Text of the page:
We’re moving deeper into fall here in Southern Oregon and we have even had a little snow already. Everything, myself included is getting sleepy as the light wanes and delicate patterns of ice spread across the ground. So we thought we would share a little about one of most delightful and delicate plants, Poppies

Poppies symbolize sleep and death, so they are a perfect companion for this time. They are the symbol of remembrance for World War 1, as they grew wild in the fields on the Western Front.  I remember as a child the bright red poppy pinned to my grandfather's shirt. Poppies have a unique role in history as a medicine and a spice. They grow wild in many places from temperate regions to subtropical areas in the Mediterranean as well as Central Asia. 

Easy to grow and care for, poppies are perfect flowers and contain all the reproductive parts needed to self fertilize.They prefer pH neutral to slightly alkaline soils (1).  Most poppies benefit from some cold stratification and can be directly sown into the garden soil in fall to late winter. There are a lot of sources that say to plant seeds in fall but I have had success seeding as late as March in Oregon. Poppy seeds are super fine so sow them lightly onto the soil surface and rake the soil gently over so as not to bury the seed deeply. Mark the place where you planted your seeds. Thin poppies to 4-6” spacing once they are a couple inches tall. They generally take a while to bloom, about 3 months. You can plant them in hoophouse if you want blooms earlier in the year. Poppies have a tap root and generally do not benefit from transplanting. I have successfully transplanted them but they are a little fiddly and it is much easier to just sow them directly into the soil.

The common ornamental poppies are from a subfamily of the Papaveracea family called Papaveroidea which contains 12 genera. California poppy, those beautiful orange flowers that show up all over the hillsides here are our most common wild poppies in Southern Oregon. Poppies generally have 4-6 petals, with many pollen laden stamens. They have brightly colored petals with basal guides to attract flies, wasps and bees for pollination. The leaves can be lobed or dissected (2). The seed pods are gorgeous, and form a balloon shaped capsule that is filled with many tiny seeds. One of the first seeds to be looked at under a microscope due to their significance culturally, the seeds are actually kidney shaped and have a texture of honeycombs (3).

There are tons of different types of poppies but some of the most common ornamental poppies are Papaver somniferum, Papaver rhoeas and Papaver nudicaule. Papaver somniferum  generally has purple flowers. There are lots of variations in petal size and shape, from smooth to frilly. Hungarian Breadseed Poppy is an excellent choice if you want to save the seed for baking. The seed pods can be harvested dry and used in everlasting flower arrangements. “Rattle” Poppy is a unique variety, the seed pods do not have holes at the top so the seeds will not pour out and they make a nice rhythmic rattle. Poppy seeds are generally really easy to collect for food or save for seed as the dry seed heads encapsulate the seeds. When they are ready the seeds can be poured from the pod.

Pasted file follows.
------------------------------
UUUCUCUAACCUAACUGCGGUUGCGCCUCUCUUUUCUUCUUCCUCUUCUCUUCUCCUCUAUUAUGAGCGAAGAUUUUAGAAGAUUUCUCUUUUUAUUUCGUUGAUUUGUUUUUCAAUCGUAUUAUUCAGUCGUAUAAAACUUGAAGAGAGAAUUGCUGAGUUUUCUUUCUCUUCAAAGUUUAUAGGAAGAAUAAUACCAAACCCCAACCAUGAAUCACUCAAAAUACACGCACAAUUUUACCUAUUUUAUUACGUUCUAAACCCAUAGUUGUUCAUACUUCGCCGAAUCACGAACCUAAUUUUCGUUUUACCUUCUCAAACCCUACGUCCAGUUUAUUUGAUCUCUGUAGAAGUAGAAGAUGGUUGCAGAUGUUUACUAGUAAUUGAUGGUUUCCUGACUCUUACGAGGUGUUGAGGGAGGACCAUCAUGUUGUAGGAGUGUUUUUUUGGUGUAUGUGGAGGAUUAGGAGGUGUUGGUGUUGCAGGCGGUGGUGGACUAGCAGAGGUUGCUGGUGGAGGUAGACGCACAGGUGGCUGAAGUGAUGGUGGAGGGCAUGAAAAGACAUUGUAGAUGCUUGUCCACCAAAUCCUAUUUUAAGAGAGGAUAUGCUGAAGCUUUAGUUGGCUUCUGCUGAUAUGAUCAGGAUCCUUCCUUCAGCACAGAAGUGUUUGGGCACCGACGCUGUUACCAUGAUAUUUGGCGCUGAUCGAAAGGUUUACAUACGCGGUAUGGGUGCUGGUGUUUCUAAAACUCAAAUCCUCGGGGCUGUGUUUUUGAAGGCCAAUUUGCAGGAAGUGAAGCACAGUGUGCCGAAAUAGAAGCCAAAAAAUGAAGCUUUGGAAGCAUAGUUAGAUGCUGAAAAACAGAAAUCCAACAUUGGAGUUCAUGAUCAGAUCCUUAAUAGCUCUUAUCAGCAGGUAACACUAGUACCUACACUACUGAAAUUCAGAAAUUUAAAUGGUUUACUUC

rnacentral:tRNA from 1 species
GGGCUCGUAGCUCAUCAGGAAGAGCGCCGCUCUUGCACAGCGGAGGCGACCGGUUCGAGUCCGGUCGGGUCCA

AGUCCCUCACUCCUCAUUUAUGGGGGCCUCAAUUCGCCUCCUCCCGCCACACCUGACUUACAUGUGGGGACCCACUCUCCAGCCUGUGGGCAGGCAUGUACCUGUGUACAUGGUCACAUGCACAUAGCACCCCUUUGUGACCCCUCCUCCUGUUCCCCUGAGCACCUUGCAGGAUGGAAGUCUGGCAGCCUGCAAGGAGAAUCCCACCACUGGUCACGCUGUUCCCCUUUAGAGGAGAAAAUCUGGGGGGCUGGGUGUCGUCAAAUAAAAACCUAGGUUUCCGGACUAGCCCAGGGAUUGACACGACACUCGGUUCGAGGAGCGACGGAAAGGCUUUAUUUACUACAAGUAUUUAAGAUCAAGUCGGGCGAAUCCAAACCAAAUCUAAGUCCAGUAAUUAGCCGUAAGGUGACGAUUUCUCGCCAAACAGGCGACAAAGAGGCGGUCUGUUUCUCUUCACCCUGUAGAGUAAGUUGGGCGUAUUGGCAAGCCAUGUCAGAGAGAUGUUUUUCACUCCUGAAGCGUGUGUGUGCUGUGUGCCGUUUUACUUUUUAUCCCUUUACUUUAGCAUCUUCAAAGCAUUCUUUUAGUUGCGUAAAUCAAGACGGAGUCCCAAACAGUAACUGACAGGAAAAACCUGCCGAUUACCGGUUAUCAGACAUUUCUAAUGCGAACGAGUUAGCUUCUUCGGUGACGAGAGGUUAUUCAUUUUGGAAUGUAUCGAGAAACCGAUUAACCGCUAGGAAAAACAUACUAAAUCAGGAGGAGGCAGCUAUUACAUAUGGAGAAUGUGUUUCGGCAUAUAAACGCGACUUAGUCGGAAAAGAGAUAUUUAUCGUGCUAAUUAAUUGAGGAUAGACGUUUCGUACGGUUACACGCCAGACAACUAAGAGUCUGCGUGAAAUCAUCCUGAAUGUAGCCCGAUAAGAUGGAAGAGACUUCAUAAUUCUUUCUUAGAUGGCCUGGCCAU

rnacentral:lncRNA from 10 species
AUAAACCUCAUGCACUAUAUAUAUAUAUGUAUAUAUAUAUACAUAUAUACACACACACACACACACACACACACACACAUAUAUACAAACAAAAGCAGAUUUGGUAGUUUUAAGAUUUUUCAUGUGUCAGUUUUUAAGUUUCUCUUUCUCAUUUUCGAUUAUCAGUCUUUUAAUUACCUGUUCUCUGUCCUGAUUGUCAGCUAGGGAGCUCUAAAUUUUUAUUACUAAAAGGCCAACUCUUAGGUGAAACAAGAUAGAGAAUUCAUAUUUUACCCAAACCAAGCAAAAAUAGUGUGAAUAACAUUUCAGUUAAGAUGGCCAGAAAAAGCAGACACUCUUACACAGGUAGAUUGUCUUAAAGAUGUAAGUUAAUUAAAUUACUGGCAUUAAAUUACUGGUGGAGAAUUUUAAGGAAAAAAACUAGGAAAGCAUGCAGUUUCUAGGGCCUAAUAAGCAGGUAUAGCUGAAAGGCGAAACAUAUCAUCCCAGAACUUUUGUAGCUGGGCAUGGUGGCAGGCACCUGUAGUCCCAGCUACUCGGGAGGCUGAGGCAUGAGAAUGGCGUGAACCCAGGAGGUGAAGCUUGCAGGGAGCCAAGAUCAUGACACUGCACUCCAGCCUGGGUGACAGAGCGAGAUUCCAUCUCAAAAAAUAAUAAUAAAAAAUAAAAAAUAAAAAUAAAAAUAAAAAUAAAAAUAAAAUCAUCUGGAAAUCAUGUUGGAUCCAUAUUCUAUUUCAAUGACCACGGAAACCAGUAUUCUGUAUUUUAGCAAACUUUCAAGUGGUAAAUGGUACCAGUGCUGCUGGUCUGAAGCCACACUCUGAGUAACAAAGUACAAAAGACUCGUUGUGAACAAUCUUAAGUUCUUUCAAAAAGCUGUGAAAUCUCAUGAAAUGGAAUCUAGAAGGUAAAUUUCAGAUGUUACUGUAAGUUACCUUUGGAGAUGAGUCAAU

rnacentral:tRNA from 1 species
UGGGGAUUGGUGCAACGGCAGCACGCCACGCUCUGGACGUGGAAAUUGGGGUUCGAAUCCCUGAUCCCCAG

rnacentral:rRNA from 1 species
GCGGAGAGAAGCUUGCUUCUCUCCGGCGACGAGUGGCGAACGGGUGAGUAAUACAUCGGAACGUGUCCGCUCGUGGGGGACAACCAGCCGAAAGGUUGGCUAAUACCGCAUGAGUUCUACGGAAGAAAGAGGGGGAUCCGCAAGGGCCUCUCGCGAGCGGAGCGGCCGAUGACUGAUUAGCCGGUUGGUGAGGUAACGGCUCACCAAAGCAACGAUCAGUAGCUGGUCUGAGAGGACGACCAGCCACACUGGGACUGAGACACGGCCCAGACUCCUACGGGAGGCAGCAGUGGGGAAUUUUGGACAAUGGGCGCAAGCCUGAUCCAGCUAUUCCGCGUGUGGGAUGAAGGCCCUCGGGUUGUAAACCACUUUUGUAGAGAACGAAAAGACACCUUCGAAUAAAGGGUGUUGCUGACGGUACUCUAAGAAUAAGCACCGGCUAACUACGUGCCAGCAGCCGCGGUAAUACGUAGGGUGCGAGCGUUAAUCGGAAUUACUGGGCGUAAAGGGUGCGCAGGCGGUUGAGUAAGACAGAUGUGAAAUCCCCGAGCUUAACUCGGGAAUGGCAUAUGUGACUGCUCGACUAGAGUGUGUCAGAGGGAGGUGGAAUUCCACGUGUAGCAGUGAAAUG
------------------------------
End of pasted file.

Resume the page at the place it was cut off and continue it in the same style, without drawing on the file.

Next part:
Papaver rhoeas are commonly known as corn poppies. The Shirley varieties fall into this species and have gorgeous metallic shades in the petals. ‘Pandora’ Shirley, a merlot fuschia flower with silver undertones, has multiple layers of petals and lends a full but ethereal look to cut flower bouquets. When you cut poppies for bouquets sear the cut stem to extend vase life.

Iceland poppies, Papaver nudicaule are subpolar varieties that are“adaptive to low-temperature environments”. Iceland poppies have silky crinkled petals in bright reds, pale oranges, white and creamy yellows.  The nodding flower heads split slowly as the bright petals begin to emerge.

They have strong stems which compliment the dainty graceful flowers. It is a beautiful sight in the early spring garden to watch them dance and flutter in the wind.

Poppies make an excellent compliment to a multi-tiered flower garden. They can be planted amongst bulbs and perennials. They self sow easily and will often come back where you planted them originally.

Author: Taryn Hunter



(1) James A. Duke. 1983. Handbook of Energy Crops. unpublished.
(2)  Britannica, The Editors of Encyclopaedia. "poppy". Encyclopedia Britannica, Invalid Date, https://www.britannica.com/plant/poppy. Accessed 10 November 2022
(3) Eriksen, Christoffer Basse. "Picturing Seeds of Poppies". Nuncius 37.2 (2022): 346-373. https://doi.org/10.1163/18253911-bja10023 Web.